//Read in the available character
            char ch = (char)in.read();

            //If the read character is a letter this means that we have found an identifier.
            if (Character.isLetter(ch)==true && rawStr!="")
            {
               //Convert the string containing all the characters since the last identifier into an integer
               int value = Integer.parseInt(rawStr);

               if (ch=='A')
               {
                  System.out.println("Value A is: "+value);
               }

               if (ch=='B')
               {
                  System.out.println("Value B is: "+value);
               }

               //Reset rawStr ready for the next reading
               rawStr = ("");
            } 
            else 
            {
               //Add incoming characters to a string.
               //Only add characters to the string if they are digits. 
               //When the arduino starts up the first characters it sends through are S-t-a-r-t- 
               //and so to avoid adding these characters we only add characters if they are digits.

               if (Character.isDigit(ch))
               {
                  rawStr = ( rawStr + Character.toString(ch));
               } 
               else 
               {
                  System.out.print(ch);
               } 
            }
         } 
         catch (IOException e) 
         {
         }
      }
   }

}

And here is the Arduino Sketch

//Arduino code for Part 01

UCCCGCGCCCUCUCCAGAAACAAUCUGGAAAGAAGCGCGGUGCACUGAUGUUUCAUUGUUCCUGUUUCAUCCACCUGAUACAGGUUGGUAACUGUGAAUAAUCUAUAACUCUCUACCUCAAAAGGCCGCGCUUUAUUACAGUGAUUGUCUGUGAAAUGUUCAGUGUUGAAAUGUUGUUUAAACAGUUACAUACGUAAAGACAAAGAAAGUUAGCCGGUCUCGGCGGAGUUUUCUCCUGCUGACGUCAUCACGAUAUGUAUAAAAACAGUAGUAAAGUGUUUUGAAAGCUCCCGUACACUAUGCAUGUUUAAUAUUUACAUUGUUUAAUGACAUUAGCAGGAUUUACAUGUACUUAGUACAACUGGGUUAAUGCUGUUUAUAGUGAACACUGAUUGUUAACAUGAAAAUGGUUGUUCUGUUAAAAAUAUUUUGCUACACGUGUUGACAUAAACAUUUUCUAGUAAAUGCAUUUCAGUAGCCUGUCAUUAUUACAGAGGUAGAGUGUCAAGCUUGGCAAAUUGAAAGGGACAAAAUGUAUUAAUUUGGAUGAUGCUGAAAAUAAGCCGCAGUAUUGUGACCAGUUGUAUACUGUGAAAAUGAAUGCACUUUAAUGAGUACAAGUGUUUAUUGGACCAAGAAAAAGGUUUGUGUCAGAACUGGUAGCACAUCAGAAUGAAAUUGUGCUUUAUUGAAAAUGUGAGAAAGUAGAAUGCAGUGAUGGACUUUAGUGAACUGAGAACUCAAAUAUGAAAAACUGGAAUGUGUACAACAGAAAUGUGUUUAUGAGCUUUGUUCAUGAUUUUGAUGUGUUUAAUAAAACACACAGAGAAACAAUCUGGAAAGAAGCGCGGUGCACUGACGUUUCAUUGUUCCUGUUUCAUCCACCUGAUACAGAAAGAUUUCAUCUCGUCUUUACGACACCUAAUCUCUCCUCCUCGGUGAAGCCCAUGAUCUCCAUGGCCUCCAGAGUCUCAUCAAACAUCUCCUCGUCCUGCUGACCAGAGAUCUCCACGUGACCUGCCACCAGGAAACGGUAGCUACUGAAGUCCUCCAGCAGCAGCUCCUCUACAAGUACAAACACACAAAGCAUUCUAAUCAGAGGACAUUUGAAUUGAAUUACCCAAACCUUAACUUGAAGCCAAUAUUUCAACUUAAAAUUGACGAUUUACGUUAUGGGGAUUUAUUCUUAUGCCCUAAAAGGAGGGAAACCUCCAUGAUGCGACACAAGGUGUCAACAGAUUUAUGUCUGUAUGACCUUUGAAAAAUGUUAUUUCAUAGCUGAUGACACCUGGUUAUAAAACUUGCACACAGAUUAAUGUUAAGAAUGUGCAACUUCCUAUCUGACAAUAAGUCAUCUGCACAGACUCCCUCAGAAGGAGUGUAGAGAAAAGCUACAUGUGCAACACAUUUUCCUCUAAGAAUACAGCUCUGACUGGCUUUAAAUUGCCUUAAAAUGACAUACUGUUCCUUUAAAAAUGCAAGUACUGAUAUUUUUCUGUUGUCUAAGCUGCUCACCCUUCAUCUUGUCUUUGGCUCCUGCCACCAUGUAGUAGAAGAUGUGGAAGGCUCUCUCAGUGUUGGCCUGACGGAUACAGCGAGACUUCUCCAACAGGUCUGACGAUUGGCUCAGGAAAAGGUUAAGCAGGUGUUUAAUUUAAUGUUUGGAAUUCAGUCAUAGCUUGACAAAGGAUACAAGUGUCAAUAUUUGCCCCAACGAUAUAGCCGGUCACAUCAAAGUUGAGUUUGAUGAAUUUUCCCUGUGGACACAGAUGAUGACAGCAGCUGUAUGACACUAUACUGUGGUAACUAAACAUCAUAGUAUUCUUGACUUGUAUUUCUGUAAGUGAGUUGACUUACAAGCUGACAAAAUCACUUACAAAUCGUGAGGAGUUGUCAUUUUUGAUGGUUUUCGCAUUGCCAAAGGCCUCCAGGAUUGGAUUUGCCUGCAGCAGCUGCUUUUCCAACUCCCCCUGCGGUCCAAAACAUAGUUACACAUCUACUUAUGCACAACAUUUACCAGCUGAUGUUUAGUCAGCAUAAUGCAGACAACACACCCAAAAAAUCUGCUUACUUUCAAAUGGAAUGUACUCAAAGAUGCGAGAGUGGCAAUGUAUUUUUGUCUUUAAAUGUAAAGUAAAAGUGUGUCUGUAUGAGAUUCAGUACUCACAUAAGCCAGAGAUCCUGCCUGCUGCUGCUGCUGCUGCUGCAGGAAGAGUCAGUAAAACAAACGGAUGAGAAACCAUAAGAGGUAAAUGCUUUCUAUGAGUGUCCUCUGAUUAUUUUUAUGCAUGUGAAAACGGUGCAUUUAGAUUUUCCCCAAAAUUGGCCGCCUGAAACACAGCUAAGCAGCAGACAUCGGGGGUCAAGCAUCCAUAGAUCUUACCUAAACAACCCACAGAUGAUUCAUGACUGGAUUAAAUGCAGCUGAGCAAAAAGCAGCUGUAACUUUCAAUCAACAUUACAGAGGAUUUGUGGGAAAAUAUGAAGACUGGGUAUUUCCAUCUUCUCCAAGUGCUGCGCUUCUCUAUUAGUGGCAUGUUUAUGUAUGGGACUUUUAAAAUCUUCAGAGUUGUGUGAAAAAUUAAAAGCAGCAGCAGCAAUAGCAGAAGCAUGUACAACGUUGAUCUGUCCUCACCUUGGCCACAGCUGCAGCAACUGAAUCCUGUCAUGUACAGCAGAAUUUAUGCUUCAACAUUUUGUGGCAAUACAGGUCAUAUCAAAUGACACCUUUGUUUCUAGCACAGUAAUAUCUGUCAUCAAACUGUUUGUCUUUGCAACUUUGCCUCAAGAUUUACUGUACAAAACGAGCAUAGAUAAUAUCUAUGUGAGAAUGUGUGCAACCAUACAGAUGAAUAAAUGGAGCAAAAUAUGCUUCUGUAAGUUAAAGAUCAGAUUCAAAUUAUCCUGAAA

//First we will define the values to be sent
//Note: The java code to go with this example reads-
//-in integers so values will have to be sent as integers
int valueA = 21;
int valueB = 534;

void setup()
{
   Serial.begin(115200);
   Serial.println("Start");
}

void loop()
{ 

   //We send the value coupled with an identifier character
   //that both marks the end of the value and what the value is.

   Serial.print(valueA);
   Serial.print("A");

   Serial.print(valueB);
   Serial.print("B");

   //A delay to slow the program down to human pace.
   delay(500);  

}

I have read that changing Serial.print() to Serial.write() is the new way to do this, but changing this had no result.

1

So the reason for no events being triggered was due to the program exiting and ending before it had the chance to.

To solve this i added a thread with a loop inside it inside the main thread.

public static void main(String[] args) throws Exception {
 ArduinoComm = new ArduinoComm ();
 main.start("/dev/ttyUSB0",115200);
 Thread t=new Thread() {
 public void run() {
 try {
 //Messy implementation but it works for this demo purpose
    while(true){
      //optional sleep  
      thread.Sleep(500);
    }
 } catch (InterruptedException ie) {}
 }
 };
 t.start();
 System.out.println("Started");
 }

Bit of an oversight on my part.

  • Good to see you fixed your problem already! You might want to accept this as your answer (when you can, I know, it takes some time ;) ). A thing I like to do is add debug printlines/cout's at the start and end of my program. So you can see whenever your program finishes or starts. I've had troubles with a microcontroller restarting itself (so the start of a program is an interesting event). And sometimes a device can cause undefined behaviour when breaking out of the main loop. So a while(true); (with debug lines) might indeed do the trick. – Paul Nov 23 '15 at 19:33